The teeming multitudes

Introduction to Population Ecology. First Edition

May 25, 2007

Ecology is a science with counting at its core. In some areas of the subject, such as conservation ecology, where the aim is to keep the numbers up, or pest management, where we aim to keep numbers down, the role of numbers is clear. Even in behavioural ecology, where local density might affect a strategy, or in physiological ecology, where resource acquisition is influenced by interactions, the numbers are important. It is population ecology that provides the theoretical underpinning to allow us to understand changes in numbers of individuals through time from the past to predictions of the future.

As population ecology is so important to ecologists, it is unfortunate that there have been long periods with no new textbooks. Even blockbuster ecology textbooks from both sides of the Atlantic have traditionally devoted few pages to the subject. In the past few years, however, this trend has changed, with several texts to choose from.

Larry Rockwood is a good candidate to write such a text, as he is a very experienced US-based teacher of the subject. Unsurprisingly, we get an 11-chapter book that would fit very well with two lectures and a practical session for each. The progression is the standard one, and this is not a criticism, as it is difficult to see how the approach could be improved. We start with individuals living without restrictions on their growth and reproduction. These assumptions lead to exponential growth and predictions of vast numbers of individuals. We then consider what factors prevent the world from being overrun by the organism. There are obviously resources that are limiting: light, space, nutrients and so on. As a population expands, those resources are in shorter supply and either the death rate increases or the birth rate declines. There follows a brief chapter on regulation, including an introduction to the debate of the relative importance of density-dependent factors, such as competition for light, and density-independent factors, such as environmental catastrophe.

The next complication is to consider variation between individuals in a population. This is often achieved, as it is here, through a life table approach. For example an individual does not have equal fecundity throughout its life. In most animals, reproduction carries on until death, although humans have a long post-reproductive phase. Rockwood uses human examples to illustrate how this changing reproductive output can be combined with mortality rates to predict population size or population growth rates. We're then led through matrix algebra and calculus to extract even more from these fecundity and mortality schedules.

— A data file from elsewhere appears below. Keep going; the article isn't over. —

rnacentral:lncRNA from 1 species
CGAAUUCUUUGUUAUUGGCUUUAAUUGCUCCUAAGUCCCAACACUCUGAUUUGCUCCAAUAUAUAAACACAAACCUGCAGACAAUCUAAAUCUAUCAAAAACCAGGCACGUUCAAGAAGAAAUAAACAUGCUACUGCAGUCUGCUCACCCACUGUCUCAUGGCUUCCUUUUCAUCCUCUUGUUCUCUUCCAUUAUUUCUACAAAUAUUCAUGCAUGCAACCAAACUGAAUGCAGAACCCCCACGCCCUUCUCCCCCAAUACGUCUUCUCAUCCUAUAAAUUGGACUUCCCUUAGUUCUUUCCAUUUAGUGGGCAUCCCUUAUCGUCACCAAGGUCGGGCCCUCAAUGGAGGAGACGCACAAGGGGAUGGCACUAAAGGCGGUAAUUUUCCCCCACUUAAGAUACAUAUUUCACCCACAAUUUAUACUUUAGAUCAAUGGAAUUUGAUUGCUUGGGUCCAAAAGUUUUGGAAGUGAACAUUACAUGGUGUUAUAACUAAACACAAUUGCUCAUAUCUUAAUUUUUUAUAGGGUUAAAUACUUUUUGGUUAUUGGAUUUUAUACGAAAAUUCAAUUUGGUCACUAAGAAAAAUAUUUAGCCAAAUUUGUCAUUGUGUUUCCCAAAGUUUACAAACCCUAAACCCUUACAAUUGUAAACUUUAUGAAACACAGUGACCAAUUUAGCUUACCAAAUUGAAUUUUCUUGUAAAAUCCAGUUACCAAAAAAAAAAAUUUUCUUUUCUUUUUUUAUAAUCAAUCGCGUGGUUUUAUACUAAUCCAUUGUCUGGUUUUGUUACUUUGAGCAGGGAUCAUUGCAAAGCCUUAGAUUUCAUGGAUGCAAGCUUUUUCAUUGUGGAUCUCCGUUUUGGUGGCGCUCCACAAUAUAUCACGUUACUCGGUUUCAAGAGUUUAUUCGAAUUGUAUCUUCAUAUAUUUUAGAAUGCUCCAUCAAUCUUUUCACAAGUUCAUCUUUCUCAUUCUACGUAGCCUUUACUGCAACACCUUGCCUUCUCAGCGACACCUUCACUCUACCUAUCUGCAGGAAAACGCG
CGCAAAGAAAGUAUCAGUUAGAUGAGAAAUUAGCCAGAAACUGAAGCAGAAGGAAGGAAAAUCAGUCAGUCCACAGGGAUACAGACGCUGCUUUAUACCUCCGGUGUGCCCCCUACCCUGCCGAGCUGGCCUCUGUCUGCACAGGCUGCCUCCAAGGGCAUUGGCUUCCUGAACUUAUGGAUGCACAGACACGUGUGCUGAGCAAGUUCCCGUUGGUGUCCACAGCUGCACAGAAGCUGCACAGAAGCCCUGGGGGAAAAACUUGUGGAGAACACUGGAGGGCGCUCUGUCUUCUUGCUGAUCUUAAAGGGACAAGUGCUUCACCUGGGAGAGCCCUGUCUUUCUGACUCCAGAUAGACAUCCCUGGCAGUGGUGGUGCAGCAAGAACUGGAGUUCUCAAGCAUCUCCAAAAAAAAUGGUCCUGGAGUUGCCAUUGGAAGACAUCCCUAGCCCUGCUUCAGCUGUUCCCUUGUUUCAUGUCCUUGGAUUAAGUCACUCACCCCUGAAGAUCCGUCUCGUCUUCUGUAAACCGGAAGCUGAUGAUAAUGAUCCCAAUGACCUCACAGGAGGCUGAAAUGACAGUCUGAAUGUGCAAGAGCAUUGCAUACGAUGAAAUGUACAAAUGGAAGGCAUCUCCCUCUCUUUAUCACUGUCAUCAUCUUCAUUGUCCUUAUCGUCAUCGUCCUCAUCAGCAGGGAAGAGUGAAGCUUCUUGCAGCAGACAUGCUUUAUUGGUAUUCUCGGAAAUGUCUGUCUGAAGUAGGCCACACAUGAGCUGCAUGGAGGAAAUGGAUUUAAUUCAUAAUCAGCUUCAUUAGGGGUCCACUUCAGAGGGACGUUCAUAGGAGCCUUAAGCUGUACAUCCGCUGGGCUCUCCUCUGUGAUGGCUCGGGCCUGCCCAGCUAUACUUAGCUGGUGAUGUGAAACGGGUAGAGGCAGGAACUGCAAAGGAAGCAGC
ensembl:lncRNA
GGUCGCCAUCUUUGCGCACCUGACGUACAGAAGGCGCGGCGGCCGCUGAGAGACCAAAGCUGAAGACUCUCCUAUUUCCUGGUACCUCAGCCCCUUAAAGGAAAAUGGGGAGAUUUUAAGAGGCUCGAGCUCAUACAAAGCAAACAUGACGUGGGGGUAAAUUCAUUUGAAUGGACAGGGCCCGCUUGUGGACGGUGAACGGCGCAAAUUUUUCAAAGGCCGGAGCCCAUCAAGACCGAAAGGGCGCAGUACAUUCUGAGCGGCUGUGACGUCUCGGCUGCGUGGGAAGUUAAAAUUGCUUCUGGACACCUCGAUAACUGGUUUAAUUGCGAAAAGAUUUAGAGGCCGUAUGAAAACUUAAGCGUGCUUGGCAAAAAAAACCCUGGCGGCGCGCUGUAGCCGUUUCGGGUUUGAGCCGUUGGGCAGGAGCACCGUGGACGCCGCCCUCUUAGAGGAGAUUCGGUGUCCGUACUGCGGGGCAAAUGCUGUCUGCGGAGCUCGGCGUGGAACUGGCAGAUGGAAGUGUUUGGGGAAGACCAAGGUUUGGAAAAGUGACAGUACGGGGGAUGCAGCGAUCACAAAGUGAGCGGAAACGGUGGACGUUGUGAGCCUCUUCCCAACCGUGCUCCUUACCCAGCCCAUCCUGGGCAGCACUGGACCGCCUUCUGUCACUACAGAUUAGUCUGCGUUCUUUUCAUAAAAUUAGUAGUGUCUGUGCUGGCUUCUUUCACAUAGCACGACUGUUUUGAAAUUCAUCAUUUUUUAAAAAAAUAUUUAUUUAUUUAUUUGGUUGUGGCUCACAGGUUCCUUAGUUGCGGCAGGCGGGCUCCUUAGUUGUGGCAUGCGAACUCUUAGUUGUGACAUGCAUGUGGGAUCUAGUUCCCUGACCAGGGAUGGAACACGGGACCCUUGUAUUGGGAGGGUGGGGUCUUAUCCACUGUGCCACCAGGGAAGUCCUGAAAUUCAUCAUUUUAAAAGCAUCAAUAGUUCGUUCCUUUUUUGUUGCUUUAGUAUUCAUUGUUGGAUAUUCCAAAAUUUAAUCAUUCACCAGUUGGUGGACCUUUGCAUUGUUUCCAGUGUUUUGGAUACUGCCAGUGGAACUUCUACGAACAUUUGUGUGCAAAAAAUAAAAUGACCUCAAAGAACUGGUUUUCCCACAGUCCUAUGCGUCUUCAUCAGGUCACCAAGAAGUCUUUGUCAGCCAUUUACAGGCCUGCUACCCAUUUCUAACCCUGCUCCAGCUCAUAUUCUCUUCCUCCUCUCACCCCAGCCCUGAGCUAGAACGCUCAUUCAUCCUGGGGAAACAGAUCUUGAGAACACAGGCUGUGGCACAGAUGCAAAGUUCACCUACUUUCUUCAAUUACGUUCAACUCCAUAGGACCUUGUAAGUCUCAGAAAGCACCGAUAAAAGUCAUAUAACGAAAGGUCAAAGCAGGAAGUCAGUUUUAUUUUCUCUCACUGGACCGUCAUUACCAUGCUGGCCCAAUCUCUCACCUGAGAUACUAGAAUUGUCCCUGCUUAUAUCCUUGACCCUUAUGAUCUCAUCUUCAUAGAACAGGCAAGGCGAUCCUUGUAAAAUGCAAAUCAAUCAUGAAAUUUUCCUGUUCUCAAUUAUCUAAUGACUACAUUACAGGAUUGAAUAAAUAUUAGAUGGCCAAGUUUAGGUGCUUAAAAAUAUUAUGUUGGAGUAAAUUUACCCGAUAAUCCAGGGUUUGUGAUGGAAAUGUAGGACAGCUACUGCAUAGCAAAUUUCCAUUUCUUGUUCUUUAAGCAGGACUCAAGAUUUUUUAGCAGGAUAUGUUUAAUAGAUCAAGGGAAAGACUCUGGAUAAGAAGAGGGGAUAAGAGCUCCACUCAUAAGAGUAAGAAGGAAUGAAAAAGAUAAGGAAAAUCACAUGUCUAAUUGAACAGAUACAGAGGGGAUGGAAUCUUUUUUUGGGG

The final two chapters on single-species populations sit more uncomfortably in the progression. First, there is a consideration of the spatial arrangement of populations using some basic metapopulation ideas followed by a consideration of the evolutionary forces affecting life tables through life history analysis. Midway through the book/ course, we move from consideration of single-species populations to more than one species. There is a chapter each on inter-specific competition, predator-prey interactions and mutualisms, followed by a one on plant-herbivore relationships. This last makes for an unusual conclusion, as most authors would subsume these into predator-prey modelling.

One of the interesting aspects of Rockwood's presentation is that stochasticity, or random variation of various kinds, is considered at several points. I support this inclusion entirely as it moves population ecology away from the static, "balance of nature" view of ecology towards the more dynamic subject that it should be. For many of the single-species scenarios we see the results with and without stochasticity. But in the multi-species sections this is missing, which is a pity.

Rockwood does provide us with an introduction to population ecology as the title promises. It covers the ground quite well and the style is engaging with some interesting examples (many of which can be found on the Blackwell website). It's not innovative or radical, but that's not what was needed. I suspect it will be adopted as a set text by a large number of population ecology courses.

Introduction to Population Ecology. First Edition

Author - Larry Rockwood
Publisher - Blackwell
Pages - 352
Price - £29.99
ISBN - 9781405132633

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